I’m not sure how many of the general public would recognise a work by Satoshi Kon, not to mention have had the chance to watch one – but if you’re missing out, now’s always a good time to catch up. I cannot actually remember if I’d watched Perfect Blue or Millennium Actress first, during those years when I was watching any half interesting anime – but I remember my zest to consume his works (and in turn chase after quality Japanese movies) really began when I watched Millennium Actress way back during the Singapore International Film Festival. (Said interest in anime movies ended up with us watching A Tree of Palme the next year, which nearly killed any interest in anime just by how silly and obtuse it was. Also, I still get brickbats from Pete for making him watch it.) If I were to rank my favourite anime creators I’d rank him above Hayao Miyazaki (Spirited Away) and even Hideaki Anno (Neon Genesis Evangelion).
Since then I’ve watched Paprika and Paranoia Agent, and even Magnetic Rose. Tokyo Godfathers remains elusive, but I promise I’ll rectify that soon. Each movie has left an indelible mark on me and my psyche, and that impact cannot be taken lightly. (A personal favourite would be how the transitions worked in Millennium Actress) In each, Satoshi Kon proved a master at manipulating reality and emotion, and we cannot help but get pulled along deeper and deeper – just as in a dream. Each movie or series was unmistakably illustrated in that very specific Satoshi Kon art style, and both his artistic talents and his vision has impacted visionaries today, from Darren Aronofsky’s Requiem for a Dream (and maybe Black Swan), and possibly even Christopher Nolan’s Inception (which Paprika arguably out-dreams it). His works deserved to be watched, loved and debated by many.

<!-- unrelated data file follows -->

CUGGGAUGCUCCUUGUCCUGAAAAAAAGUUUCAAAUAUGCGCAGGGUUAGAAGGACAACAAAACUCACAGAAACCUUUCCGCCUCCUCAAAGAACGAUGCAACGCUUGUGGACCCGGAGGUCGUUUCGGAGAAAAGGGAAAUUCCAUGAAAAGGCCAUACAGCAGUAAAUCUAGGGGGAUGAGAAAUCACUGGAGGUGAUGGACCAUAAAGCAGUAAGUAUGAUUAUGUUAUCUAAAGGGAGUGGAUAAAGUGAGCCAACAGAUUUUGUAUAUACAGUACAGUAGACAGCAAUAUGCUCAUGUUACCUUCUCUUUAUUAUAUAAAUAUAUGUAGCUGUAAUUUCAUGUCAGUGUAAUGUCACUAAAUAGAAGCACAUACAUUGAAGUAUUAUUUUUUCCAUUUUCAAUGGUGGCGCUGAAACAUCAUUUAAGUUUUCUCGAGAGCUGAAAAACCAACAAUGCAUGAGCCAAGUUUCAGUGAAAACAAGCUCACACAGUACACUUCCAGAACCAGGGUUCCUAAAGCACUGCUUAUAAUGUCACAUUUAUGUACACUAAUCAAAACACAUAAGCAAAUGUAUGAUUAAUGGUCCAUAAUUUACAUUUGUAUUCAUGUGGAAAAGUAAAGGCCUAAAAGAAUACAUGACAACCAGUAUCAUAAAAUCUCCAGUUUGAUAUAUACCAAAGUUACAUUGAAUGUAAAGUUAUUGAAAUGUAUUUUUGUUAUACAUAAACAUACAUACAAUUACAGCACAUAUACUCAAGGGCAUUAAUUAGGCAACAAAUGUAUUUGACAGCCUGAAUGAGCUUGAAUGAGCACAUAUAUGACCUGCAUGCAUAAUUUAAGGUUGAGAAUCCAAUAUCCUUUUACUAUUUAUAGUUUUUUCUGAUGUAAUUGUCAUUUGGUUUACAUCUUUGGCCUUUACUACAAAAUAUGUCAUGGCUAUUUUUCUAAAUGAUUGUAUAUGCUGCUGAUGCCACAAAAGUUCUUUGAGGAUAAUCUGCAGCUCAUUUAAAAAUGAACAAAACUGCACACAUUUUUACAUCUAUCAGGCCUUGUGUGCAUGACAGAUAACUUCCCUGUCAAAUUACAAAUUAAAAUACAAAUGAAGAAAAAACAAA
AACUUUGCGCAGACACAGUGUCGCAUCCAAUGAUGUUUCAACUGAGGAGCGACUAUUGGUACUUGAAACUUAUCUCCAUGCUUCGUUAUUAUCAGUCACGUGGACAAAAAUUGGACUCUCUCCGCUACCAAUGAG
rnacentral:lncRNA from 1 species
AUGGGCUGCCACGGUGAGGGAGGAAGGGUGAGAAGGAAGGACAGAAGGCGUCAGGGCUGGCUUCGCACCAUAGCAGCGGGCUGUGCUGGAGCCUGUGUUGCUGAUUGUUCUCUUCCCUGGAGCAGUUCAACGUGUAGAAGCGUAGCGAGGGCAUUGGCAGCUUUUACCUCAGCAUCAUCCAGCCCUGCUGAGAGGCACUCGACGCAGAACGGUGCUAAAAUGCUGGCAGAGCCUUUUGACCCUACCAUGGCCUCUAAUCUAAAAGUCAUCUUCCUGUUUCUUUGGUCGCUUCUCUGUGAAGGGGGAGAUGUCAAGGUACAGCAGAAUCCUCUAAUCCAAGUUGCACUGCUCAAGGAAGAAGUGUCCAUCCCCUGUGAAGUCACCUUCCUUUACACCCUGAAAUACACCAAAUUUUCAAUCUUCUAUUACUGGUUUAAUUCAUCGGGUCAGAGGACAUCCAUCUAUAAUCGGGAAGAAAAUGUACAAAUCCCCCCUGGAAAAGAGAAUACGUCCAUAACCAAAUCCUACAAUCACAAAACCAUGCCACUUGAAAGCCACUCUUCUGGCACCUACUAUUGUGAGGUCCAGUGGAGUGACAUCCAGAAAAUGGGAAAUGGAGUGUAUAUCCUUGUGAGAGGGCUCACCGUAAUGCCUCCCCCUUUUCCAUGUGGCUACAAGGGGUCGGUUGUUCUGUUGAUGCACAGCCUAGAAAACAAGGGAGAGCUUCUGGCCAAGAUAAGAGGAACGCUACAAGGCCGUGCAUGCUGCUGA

Satoshi Kon leaves behind his family and his incomplete The Dreaming Machine – hopefully enough of his vision was already on paper to bring that movie to fruition without diluting it. It is somewhat fitting that he was working on another movie on Dreams – maybe we’ll get to watch it one day.
Do you remember your first or favourite Satoshi Kon experience? With so many crazy and powerful scenes, maybe there’s one that you just can’t forget.
Thanks to Bleeding Cool, we’re informed that he had his final words on his blog which were then translated and also backed up on Anime New Network. I’m no Japanese whiz, so the Google Translate version is here, but I think ANN chose the right words to highlight, with the right translation. I will quote it here.
May 18 of this year, an unforgettable day.
My wife and I received the following prognosis from a cardiologist at the Musashino Red Cross Hospital: “The pancreatic cancer is terminal and has metastasized to the bone. You have at most a half year left.”
When I conveyed my concerns for Yume-Miru Kikai (The Dream Machine) to (MADHOUSE founder) Mr. Maruyama, he said, “It’s fine. Don’t worry, we’ll do whatever it takes.”
I cried aloud.
With feelings of gratitude for all that is good in this world, I put down my pen.
Well, I’ll be leaving now.